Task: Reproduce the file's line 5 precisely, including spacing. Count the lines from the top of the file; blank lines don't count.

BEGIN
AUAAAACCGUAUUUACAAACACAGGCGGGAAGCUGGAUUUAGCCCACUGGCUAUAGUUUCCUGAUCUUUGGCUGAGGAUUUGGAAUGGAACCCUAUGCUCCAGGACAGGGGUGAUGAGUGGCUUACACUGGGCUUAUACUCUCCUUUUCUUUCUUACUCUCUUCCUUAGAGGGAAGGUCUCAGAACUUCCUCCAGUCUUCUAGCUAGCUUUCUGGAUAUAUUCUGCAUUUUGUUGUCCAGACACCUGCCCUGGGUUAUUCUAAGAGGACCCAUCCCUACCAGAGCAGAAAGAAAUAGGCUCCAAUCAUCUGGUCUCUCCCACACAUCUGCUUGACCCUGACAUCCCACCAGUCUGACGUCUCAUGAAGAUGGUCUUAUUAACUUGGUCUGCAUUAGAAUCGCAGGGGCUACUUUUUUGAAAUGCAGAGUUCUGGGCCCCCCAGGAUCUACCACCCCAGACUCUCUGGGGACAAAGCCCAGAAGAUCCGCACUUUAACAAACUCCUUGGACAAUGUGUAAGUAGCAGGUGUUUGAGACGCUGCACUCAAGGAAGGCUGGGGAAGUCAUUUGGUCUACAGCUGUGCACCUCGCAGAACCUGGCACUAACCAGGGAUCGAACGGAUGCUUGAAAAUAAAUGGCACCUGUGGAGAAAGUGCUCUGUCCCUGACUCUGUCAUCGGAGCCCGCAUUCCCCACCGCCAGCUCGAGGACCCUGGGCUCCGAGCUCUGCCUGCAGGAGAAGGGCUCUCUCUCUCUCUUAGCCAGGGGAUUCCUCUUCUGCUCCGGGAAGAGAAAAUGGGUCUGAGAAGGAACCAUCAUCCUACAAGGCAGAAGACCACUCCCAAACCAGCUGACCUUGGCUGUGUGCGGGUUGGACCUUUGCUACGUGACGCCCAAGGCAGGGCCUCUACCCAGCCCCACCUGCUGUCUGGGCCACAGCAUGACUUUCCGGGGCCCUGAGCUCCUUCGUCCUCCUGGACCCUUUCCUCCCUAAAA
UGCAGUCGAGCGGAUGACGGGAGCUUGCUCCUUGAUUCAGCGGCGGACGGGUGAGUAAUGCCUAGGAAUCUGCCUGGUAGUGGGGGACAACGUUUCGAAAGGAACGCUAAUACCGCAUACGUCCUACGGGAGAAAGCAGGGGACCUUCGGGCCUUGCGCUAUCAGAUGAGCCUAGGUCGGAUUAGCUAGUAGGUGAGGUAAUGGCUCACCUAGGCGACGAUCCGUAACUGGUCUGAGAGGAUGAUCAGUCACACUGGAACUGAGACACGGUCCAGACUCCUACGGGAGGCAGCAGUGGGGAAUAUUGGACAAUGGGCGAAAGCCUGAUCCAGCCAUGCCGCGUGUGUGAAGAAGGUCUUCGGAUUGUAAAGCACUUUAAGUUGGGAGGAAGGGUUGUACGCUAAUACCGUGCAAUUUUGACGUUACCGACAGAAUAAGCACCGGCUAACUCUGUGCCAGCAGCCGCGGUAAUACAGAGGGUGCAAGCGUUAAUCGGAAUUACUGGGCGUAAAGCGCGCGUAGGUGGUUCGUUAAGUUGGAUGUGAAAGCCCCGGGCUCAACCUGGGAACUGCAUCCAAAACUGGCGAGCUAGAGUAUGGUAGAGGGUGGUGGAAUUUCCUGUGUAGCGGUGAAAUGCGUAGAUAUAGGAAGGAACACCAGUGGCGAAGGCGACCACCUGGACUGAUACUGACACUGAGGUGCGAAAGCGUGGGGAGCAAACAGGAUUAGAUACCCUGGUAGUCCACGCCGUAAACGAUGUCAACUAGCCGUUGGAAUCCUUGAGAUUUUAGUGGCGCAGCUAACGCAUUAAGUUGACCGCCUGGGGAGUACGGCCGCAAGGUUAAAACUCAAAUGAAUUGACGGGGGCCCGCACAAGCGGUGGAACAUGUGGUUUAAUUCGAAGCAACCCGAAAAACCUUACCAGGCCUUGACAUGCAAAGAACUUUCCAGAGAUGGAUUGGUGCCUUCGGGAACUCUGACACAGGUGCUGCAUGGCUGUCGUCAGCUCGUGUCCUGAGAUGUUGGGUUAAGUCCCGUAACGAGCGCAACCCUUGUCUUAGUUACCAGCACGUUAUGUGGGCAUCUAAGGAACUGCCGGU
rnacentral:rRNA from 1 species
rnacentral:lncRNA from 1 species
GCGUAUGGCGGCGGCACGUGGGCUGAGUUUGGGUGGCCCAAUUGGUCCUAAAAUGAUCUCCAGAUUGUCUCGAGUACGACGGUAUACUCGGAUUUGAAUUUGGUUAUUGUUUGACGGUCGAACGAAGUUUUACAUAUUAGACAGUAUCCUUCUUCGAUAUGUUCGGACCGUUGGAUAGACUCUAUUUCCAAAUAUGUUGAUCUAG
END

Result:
GCGUAUGGCGGCGGCACGUGGGCUGAGUUUGGGUGGCCCAAUUGGUCCUAAAAUGAUCUCCAGAUUGUCUCGAGUACGACGGUAUACUCGGAUUUGAAUUUGGUUAUUGUUUGACGGUCGAACGAAGUUUUACAUAUUAGACAGUAUCCUUCUUCGAUAUGUUCGGACCGUUGGAUAGACUCUAUUUCCAAAUAUGUUGAUCUAG